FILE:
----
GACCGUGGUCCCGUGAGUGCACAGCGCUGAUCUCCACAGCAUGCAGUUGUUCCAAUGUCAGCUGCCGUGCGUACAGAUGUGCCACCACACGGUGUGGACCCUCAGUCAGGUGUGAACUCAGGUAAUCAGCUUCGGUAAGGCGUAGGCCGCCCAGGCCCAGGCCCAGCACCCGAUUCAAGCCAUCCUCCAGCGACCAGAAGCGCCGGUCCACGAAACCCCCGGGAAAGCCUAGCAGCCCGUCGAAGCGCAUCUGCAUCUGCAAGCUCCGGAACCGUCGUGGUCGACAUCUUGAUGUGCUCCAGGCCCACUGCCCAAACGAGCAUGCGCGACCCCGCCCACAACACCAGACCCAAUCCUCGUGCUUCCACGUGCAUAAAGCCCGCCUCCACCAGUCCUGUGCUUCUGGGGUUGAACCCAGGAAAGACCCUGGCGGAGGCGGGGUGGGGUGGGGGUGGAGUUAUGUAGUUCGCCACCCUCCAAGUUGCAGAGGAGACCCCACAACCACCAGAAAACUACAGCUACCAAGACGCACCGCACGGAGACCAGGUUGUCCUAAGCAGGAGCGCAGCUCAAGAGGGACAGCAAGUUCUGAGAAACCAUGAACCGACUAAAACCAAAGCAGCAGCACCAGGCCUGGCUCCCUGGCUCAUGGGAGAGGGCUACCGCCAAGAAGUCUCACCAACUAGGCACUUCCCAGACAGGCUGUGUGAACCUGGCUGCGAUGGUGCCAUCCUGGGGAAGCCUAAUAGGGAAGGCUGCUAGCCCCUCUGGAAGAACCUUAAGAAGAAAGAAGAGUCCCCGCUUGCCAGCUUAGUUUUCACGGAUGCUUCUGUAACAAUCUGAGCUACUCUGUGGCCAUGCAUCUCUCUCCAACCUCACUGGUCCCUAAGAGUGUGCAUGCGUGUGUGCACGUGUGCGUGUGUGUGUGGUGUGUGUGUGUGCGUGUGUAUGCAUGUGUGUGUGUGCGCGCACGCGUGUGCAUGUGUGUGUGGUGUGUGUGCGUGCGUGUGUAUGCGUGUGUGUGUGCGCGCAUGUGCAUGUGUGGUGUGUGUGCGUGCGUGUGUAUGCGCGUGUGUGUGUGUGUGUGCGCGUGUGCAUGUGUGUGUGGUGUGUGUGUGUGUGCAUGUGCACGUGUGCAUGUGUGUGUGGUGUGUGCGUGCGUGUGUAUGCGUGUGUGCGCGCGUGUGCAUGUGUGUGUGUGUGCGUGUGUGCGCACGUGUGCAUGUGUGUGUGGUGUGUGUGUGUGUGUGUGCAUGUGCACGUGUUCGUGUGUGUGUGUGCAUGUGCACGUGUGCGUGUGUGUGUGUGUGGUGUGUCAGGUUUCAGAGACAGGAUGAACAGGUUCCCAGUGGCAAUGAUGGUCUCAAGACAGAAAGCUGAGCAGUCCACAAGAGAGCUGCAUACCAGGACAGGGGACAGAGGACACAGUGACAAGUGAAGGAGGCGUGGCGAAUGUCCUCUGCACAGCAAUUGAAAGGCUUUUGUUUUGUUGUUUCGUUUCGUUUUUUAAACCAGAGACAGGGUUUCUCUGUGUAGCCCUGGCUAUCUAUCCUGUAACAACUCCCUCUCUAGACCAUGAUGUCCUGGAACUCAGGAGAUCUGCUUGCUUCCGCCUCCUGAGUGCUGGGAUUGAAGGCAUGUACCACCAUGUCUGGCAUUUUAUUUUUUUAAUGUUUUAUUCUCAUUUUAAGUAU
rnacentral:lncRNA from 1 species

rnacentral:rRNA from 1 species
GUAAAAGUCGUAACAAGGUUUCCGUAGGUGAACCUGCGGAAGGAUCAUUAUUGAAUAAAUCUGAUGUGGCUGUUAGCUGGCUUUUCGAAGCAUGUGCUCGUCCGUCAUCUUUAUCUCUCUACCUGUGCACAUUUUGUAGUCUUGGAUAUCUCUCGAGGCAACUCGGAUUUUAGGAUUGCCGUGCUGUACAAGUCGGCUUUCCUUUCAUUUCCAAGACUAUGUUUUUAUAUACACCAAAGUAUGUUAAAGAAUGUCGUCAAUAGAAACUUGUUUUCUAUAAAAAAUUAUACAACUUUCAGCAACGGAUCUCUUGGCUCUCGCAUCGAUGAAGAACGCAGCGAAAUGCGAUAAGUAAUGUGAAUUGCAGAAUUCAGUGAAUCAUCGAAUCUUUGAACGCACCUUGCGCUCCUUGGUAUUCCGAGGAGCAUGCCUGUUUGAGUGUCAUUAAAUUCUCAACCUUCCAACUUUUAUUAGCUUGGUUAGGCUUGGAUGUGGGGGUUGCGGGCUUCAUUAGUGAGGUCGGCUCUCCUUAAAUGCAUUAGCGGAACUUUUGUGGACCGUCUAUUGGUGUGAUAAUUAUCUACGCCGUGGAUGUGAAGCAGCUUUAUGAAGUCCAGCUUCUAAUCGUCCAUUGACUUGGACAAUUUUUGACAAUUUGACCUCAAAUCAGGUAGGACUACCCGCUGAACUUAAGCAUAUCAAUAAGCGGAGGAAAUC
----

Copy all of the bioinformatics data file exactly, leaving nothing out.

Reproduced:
GACCGUGGUCCCGUGAGUGCACAGCGCUGAUCUCCACAGCAUGCAGUUGUUCCAAUGUCAGCUGCCGUGCGUACAGAUGUGCCACCACACGGUGUGGACCCUCAGUCAGGUGUGAACUCAGGUAAUCAGCUUCGGUAAGGCGUAGGCCGCCCAGGCCCAGGCCCAGCACCCGAUUCAAGCCAUCCUCCAGCGACCAGAAGCGCCGGUCCACGAAACCCCCGGGAAAGCCUAGCAGCCCGUCGAAGCGCAUCUGCAUCUGCAAGCUCCGGAACCGUCGUGGUCGACAUCUUGAUGUGCUCCAGGCCCACUGCCCAAACGAGCAUGCGCGACCCCGCCCACAACACCAGACCCAAUCCUCGUGCUUCCACGUGCAUAAAGCCCGCCUCCACCAGUCCUGUGCUUCUGGGGUUGAACCCAGGAAAGACCCUGGCGGAGGCGGGGUGGGGUGGGGGUGGAGUUAUGUAGUUCGCCACCCUCCAAGUUGCAGAGGAGACCCCACAACCACCAGAAAACUACAGCUACCAAGACGCACCGCACGGAGACCAGGUUGUCCUAAGCAGGAGCGCAGCUCAAGAGGGACAGCAAGUUCUGAGAAACCAUGAACCGACUAAAACCAAAGCAGCAGCACCAGGCCUGGCUCCCUGGCUCAUGGGAGAGGGCUACCGCCAAGAAGUCUCACCAACUAGGCACUUCCCAGACAGGCUGUGUGAACCUGGCUGCGAUGGUGCCAUCCUGGGGAAGCCUAAUAGGGAAGGCUGCUAGCCCCUCUGGAAGAACCUUAAGAAGAAAGAAGAGUCCCCGCUUGCCAGCUUAGUUUUCACGGAUGCUUCUGUAACAAUCUGAGCUACUCUGUGGCCAUGCAUCUCUCUCCAACCUCACUGGUCCCUAAGAGUGUGCAUGCGUGUGUGCACGUGUGCGUGUGUGUGUGGUGUGUGUGUGUGCGUGUGUAUGCAUGUGUGUGUGUGCGCGCACGCGUGUGCAUGUGUGUGUGGUGUGUGUGCGUGCGUGUGUAUGCGUGUGUGUGUGCGCGCAUGUGCAUGUGUGGUGUGUGUGCGUGCGUGUGUAUGCGCGUGUGUGUGUGUGUGUGCGCGUGUGCAUGUGUGUGUGGUGUGUGUGUGUGUGCAUGUGCACGUGUGCAUGUGUGUGUGGUGUGUGCGUGCGUGUGUAUGCGUGUGUGCGCGCGUGUGCAUGUGUGUGUGUGUGCGUGUGUGCGCACGUGUGCAUGUGUGUGUGGUGUGUGUGUGUGUGUGUGCAUGUGCACGUGUUCGUGUGUGUGUGUGCAUGUGCACGUGUGCGUGUGUGUGUGUGUGGUGUGUCAGGUUUCAGAGACAGGAUGAACAGGUUCCCAGUGGCAAUGAUGGUCUCAAGACAGAAAGCUGAGCAGUCCACAAGAGAGCUGCAUACCAGGACAGGGGACAGAGGACACAGUGACAAGUGAAGGAGGCGUGGCGAAUGUCCUCUGCACAGCAAUUGAAAGGCUUUUGUUUUGUUGUUUCGUUUCGUUUUUUAAACCAGAGACAGGGUUUCUCUGUGUAGCCCUGGCUAUCUAUCCUGUAACAACUCCCUCUCUAGACCAUGAUGUCCUGGAACUCAGGAGAUCUGCUUGCUUCCGCCUCCUGAGUGCUGGGAUUGAAGGCAUGUACCACCAUGUCUGGCAUUUUAUUUUUUUAAUGUUUUAUUCUCAUUUUAAGUAU
rnacentral:lncRNA from 1 species

rnacentral:rRNA from 1 species
GUAAAAGUCGUAACAAGGUUUCCGUAGGUGAACCUGCGGAAGGAUCAUUAUUGAAUAAAUCUGAUGUGGCUGUUAGCUGGCUUUUCGAAGCAUGUGCUCGUCCGUCAUCUUUAUCUCUCUACCUGUGCACAUUUUGUAGUCUUGGAUAUCUCUCGAGGCAACUCGGAUUUUAGGAUUGCCGUGCUGUACAAGUCGGCUUUCCUUUCAUUUCCAAGACUAUGUUUUUAUAUACACCAAAGUAUGUUAAAGAAUGUCGUCAAUAGAAACUUGUUUUCUAUAAAAAAUUAUACAACUUUCAGCAACGGAUCUCUUGGCUCUCGCAUCGAUGAAGAACGCAGCGAAAUGCGAUAAGUAAUGUGAAUUGCAGAAUUCAGUGAAUCAUCGAAUCUUUGAACGCACCUUGCGCUCCUUGGUAUUCCGAGGAGCAUGCCUGUUUGAGUGUCAUUAAAUUCUCAACCUUCCAACUUUUAUUAGCUUGGUUAGGCUUGGAUGUGGGGGUUGCGGGCUUCAUUAGUGAGGUCGGCUCUCCUUAAAUGCAUUAGCGGAACUUUUGUGGACCGUCUAUUGGUGUGAUAAUUAUCUACGCCGUGGAUGUGAAGCAGCUUUAUGAAGUCCAGCUUCUAAUCGUCCAUUGACUUGGACAAUUUUUGACAAUUUGACCUCAAAUCAGGUAGGACUACCCGCUGAACUUAAGCAUAUCAAUAAGCGGAGGAAAUC